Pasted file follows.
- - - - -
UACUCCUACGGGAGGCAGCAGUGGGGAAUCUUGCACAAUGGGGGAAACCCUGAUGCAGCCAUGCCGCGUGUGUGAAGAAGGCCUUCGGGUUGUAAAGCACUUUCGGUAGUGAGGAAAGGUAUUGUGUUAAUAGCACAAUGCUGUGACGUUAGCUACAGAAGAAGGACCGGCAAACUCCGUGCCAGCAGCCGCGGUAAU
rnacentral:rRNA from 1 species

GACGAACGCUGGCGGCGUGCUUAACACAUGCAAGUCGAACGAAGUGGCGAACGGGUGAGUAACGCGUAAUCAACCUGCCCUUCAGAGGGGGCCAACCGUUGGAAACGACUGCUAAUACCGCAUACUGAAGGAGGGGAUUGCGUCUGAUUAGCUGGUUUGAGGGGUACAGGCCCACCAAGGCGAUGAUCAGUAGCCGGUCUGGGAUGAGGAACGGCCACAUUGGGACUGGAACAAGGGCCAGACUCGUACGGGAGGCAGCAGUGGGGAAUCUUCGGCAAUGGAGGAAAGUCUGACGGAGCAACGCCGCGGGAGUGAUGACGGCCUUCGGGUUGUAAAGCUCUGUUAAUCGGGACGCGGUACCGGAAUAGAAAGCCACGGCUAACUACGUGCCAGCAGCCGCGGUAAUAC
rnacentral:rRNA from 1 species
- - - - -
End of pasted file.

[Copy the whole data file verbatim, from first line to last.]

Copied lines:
UACUCCUACGGGAGGCAGCAGUGGGGAAUCUUGCACAAUGGGGGAAACCCUGAUGCAGCCAUGCCGCGUGUGUGAAGAAGGCCUUCGGGUUGUAAAGCACUUUCGGUAGUGAGGAAAGGUAUUGUGUUAAUAGCACAAUGCUGUGACGUUAGCUACAGAAGAAGGACCGGCAAACUCCGUGCCAGCAGCCGCGGUAAU
rnacentral:rRNA from 1 species

GACGAACGCUGGCGGCGUGCUUAACACAUGCAAGUCGAACGAAGUGGCGAACGGGUGAGUAACGCGUAAUCAACCUGCCCUUCAGAGGGGGCCAACCGUUGGAAACGACUGCUAAUACCGCAUACUGAAGGAGGGGAUUGCGUCUGAUUAGCUGGUUUGAGGGGUACAGGCCCACCAAGGCGAUGAUCAGUAGCCGGUCUGGGAUGAGGAACGGCCACAUUGGGACUGGAACAAGGGCCAGACUCGUACGGGAGGCAGCAGUGGGGAAUCUUCGGCAAUGGAGGAAAGUCUGACGGAGCAACGCCGCGGGAGUGAUGACGGCCUUCGGGUUGUAAAGCUCUGUUAAUCGGGACGCGGUACCGGAAUAGAAAGCCACGGCUAACUACGUGCCAGCAGCCGCGGUAAUAC
rnacentral:rRNA from 1 species